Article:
Use one 3D model to cut in another?

I’ve tried all my creative abilities as a newbie to figure this out, but seems like I’m unable… And I’ve searched for any possible wording. Have tried Luban and today Cura.

I want to use one model to cut out parts of another model. E.g. inprint a letter in a square, like this:


Is it possible in Luban or do I have to use another program?

Thanks in advance.

Welcome to the wider world of making your own objects.

There’s a lot of learning you can do, and great resources on the Internet. I’ll try and point you at some.

First, the basics: Luban and Cura are slicers - meaning they take a 3D object in the form of an STL file and output gcode the machine runs.

An STL file, which is short for Standard Tessellation Language, is an object represented by triangles, also called a mesh, like so:
To directly edit such a file, use software such as TinkerCAD

For more information, you can start by checking out:

They have articles regarding exactly what you’re after here:
They have an article about making new models from scratch here:

Edited because @Atom’s TinkerCAD suggestion is great, I keep forgetting about it.

@brent113 is correct, however If your just starting out and want to do minor edits to existing .stl files or even make your own, try tinkercad. Its free, browser based (no install) and can get you started with the idea of manipulating models. If you want to do more then you will need more complex programs like meshmixer, fusion 360, freecad, blender, etc.

1 Like

For that you want Tinkercad. The demo basically teaches you how to do that.
The one downside to Tinkercad is there aren’t a lot of font choices.
I do use both Tinkercad and Fusion 360.
Sometimes I use them together.
Tinkercad is great for creating simple items. (not that you can’t make some incredibly complex ones still).
Fusion is super powerful but the learning curve is steep.
For CNC, though you need to take a 3D item and tell the router what to do.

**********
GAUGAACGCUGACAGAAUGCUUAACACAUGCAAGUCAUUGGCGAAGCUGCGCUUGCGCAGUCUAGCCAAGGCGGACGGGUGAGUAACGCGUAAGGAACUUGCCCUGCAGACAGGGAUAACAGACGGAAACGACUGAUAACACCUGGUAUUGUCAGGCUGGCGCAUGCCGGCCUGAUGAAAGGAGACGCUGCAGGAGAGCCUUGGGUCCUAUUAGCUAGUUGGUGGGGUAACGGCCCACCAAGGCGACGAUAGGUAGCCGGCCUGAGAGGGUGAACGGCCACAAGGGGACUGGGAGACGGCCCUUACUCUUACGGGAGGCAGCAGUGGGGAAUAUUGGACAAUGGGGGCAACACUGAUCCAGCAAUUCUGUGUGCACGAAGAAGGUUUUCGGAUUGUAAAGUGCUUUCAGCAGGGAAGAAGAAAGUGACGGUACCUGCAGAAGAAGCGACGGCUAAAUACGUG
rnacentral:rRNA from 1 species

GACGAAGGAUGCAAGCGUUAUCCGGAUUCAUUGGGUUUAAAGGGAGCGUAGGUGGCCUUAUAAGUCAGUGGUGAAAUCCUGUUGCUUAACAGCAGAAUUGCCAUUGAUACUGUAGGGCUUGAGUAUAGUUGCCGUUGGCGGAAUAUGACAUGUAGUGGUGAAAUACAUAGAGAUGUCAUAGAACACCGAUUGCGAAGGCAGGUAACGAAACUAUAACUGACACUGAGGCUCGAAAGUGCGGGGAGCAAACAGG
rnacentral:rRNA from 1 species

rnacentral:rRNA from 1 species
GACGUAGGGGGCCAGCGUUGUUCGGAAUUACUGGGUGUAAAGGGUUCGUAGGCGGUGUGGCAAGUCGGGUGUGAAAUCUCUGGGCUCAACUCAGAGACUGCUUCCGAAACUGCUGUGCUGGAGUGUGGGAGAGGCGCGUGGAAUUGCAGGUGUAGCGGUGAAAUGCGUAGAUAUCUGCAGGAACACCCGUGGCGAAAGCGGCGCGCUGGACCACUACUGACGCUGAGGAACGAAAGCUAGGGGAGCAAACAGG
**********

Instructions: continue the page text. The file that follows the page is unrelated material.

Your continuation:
So I may create the item in Tinkercad (CAD - computer aided drafting), then export as an STL and then do what’s called CAM (computer aided machining).
For 3D printing you just export your object as an STL and then use Cura or Luban to slice it (as @Atom said)

The specific example of in-printing the X is pretty easy to create a model in tinker cad. It lets you create objects as positive or negative objects, then merge them. So I’d create a positive square, and make it as deep as the X in the square. Then import the block, and make it a negative object. Move them so the positive square overlaps the X, then join the objects together. You should be left with just the X that didn’t exist in the negative model.

Getting that to print onto an existing object is trickier. Most prints start on the build plate for obvious reasons. I haven’t found any way in Luban to start the print in mid air that doesn’t involve manually editing the GCode. If anybody knows other slicers that support this ability, that would make things easier.

Even if you do get it working, your nozzle won’t fit inside that X to start printing at the bottom. You’d want to modify the original object so that the X is only one or two layers deep, otherwise the hot end will hit and melt the object that you’re trying to overprint.

Simplify3D supports this. When slicing you can control where on the model it starts and stops slicing, as specified in Z height from the buildplate. For example, in the event of a print failure that you would like to recover you can reslice so that it begins at 50mm.

I don’t think he’s asking to print something on something else.
He just want’s to modify an existing stl.
Tinkercad works great for that and is super simple to do.
The only problem is it has a size limit on the stl it will import. So more detailed objects with a lot of faces can cause problems.
You can take any object and make it positive or negative.
It also has letters included as objects (although not a lot of font choices) and a wide variety of other objects.

1 Like

re-reading, I think you’re right, and I misunderstood. But I learned something new about Simplyfy3D in the process. :smiley:

1 Like

Thanks everybody, getting to understand a little more how to “make something wonderful” with my new SnapMaker 2.0 350!!

1 Like